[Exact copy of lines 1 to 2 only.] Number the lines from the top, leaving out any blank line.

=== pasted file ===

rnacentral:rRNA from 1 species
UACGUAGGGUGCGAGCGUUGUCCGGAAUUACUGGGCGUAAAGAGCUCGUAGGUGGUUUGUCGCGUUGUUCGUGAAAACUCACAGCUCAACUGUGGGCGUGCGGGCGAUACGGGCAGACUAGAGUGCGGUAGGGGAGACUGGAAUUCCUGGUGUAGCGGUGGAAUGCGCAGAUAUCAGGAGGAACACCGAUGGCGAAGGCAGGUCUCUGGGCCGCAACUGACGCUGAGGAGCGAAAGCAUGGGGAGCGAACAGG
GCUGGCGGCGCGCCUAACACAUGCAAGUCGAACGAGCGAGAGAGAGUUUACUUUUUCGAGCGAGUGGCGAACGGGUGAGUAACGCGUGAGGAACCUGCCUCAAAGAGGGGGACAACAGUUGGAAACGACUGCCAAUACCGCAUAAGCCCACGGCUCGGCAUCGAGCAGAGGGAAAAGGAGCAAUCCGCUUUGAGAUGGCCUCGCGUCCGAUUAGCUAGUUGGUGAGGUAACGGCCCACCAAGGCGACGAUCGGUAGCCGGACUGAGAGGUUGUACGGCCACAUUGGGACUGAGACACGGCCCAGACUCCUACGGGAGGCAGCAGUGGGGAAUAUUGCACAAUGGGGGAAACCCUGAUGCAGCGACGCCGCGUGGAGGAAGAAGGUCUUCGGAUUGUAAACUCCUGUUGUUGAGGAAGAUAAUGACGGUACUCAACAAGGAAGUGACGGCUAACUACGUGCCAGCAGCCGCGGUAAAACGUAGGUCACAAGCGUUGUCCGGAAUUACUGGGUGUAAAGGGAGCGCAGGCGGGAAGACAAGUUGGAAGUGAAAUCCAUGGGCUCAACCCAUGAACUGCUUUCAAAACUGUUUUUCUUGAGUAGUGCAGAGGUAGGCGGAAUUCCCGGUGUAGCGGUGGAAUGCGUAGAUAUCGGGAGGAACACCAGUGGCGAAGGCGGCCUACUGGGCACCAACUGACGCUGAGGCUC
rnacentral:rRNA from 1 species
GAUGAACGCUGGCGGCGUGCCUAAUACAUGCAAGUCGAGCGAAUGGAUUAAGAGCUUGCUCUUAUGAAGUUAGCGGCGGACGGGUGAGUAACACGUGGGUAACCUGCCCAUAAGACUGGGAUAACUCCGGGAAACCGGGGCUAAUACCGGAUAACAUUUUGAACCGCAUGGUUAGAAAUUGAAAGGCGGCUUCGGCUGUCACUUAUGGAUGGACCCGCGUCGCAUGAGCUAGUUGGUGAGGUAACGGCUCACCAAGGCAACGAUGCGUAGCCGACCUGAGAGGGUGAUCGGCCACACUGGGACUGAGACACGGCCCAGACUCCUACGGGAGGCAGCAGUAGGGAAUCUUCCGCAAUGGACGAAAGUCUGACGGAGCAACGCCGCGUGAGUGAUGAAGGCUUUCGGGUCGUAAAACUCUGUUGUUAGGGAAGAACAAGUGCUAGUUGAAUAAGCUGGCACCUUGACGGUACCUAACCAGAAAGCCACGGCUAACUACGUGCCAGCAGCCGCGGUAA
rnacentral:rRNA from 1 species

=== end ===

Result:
rnacentral:rRNA from 1 species
UACGUAGGGUGCGAGCGUUGUCCGGAAUUACUGGGCGUAAAGAGCUCGUAGGUGGUUUGUCGCGUUGUUCGUGAAAACUCACAGCUCAACUGUGGGCGUGCGGGCGAUACGGGCAGACUAGAGUGCGGUAGGGGAGACUGGAAUUCCUGGUGUAGCGGUGGAAUGCGCAGAUAUCAGGAGGAACACCGAUGGCGAAGGCAGGUCUCUGGGCCGCAACUGACGCUGAGGAGCGAAAGCAUGGGGAGCGAACAGG